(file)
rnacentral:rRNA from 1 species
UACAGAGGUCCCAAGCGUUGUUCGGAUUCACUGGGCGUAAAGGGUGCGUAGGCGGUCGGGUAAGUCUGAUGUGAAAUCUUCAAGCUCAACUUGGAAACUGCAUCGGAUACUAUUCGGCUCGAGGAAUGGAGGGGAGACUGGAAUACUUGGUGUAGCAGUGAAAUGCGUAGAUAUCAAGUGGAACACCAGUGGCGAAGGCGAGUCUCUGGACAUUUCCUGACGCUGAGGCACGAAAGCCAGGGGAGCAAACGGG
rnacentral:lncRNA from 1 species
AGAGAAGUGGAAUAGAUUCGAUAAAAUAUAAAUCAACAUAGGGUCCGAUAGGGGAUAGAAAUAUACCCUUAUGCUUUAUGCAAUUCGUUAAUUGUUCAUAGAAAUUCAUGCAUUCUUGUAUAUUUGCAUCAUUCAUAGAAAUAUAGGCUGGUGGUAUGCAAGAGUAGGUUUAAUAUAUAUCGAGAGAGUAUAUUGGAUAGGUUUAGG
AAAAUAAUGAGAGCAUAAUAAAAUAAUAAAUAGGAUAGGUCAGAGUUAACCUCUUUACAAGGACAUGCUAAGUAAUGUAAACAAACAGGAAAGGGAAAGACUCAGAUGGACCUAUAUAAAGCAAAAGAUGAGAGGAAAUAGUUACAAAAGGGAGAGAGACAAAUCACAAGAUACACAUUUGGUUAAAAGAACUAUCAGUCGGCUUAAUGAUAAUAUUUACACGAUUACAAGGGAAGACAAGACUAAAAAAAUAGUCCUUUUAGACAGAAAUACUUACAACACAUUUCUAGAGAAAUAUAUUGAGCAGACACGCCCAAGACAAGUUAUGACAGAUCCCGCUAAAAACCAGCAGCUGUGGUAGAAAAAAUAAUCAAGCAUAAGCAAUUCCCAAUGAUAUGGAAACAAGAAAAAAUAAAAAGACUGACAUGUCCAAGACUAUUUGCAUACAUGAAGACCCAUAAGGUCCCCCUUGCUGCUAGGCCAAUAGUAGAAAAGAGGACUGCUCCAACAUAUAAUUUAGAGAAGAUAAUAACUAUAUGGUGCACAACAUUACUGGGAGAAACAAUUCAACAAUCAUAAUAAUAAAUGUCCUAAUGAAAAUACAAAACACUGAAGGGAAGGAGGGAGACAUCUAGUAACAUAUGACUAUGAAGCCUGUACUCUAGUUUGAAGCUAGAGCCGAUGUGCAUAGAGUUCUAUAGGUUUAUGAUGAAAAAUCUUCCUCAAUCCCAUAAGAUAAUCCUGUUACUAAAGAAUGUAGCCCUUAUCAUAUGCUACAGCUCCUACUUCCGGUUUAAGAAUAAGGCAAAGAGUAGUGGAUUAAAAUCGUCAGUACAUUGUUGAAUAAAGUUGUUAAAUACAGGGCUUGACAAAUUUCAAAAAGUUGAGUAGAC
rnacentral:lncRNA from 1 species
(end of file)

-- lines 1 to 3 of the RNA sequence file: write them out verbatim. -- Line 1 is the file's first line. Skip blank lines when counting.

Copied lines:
rnacentral:rRNA from 1 species
UACAGAGGUCCCAAGCGUUGUUCGGAUUCACUGGGCGUAAAGGGUGCGUAGGCGGUCGGGUAAGUCUGAUGUGAAAUCUUCAAGCUCAACUUGGAAACUGCAUCGGAUACUAUUCGGCUCGAGGAAUGGAGGGGAGACUGGAAUACUUGGUGUAGCAGUGAAAUGCGUAGAUAUCAAGUGGAACACCAGUGGCGAAGGCGAGUCUCUGGACAUUUCCUGACGCUGAGGCACGAAAGCCAGGGGAGCAAACGGG
rnacentral:lncRNA from 1 species